This concept of critical mass can be replicated in many other facets of the ensemble. I find this to be true with commitment to dynamics and phrasing, commitment to appropriate playing position and bow technique, and commitment to eye contact and musical interaction within the ensemble. I know that I find it much more satisfying to teach and to learn when there is a critical mass of students and interest in the room. This can be one of the most difficult hurdles for young teachers to overcome as they are thrust into a new classroom or teaching environment. It takes time to generate a critical mass of interest, trust, and commitment in a community or classroom. A music program is a "system" and systems with a low critical mass can be compromised easily. This can create a great deal of stress for teachers young and old!


How do you relate to the concept of "critical mass?" I was really thrilled to hear Dr. Pizer bring it up in his commencement remarks last weekend.  Clearly, he is thinking about it through the lens of his work and I through the lens of mine.  What have I missed here?  Do you relate to this concept in your work?  What systems are you developing?  How has that system been compromised in the past? Can a critical mass stop it from being compromised?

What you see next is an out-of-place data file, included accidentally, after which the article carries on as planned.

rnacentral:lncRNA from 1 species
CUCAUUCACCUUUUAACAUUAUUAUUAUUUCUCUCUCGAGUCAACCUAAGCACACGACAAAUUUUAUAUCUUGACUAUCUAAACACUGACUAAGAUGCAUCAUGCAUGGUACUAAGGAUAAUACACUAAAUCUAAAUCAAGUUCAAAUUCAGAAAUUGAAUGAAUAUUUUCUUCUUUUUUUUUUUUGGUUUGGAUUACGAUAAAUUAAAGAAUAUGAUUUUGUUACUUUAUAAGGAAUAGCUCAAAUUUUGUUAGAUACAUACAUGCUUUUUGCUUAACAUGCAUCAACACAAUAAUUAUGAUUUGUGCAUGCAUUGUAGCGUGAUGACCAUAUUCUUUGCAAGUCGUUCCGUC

I would love to hear from you. These are just some of my thoughts as we begin the summer of 2018.  I am sure there will be more.  Until next time...


Wednesday, May 30, 2018

25 Bows for 25 Kids

Many of you know that I am honored to be affiliated with Coda Bow International.
As part of their 25th anniversary celebration, Coda is offering this wonderful opportunity for string students:


Music Teachers, do you have a hard-working, dedicated student who would benefit from a better bow? Nominate them to be one of the 25 recipients of a CodaBow Diamond NX with a custom name engraving!

Nominations accepted through October 1st, 2018.
Letters of nomination should be sent to  or to CodaBow International Attn: Rachael Ryan Dahlgren 876 East Third Street Winona, MN 55987
Nominations should outline the qualifications of the student including:

·         Student’s name, age, and instrument
·         Need for sponsorship
·         Example of student’s dedication and commitment
·         Example of student’s achievement and potential
·         How a CodaBow will positively impact the student’s musicianship
·         Teacher’s name, email, and school or music associations

Bow awards will be announced on, Facebook, and by email November 1st, 2018

Wednesday, May 23, 2018

Coda Joule Carbon Fiber Bow

Today, I want to say a few words about the Coda Joule Bow.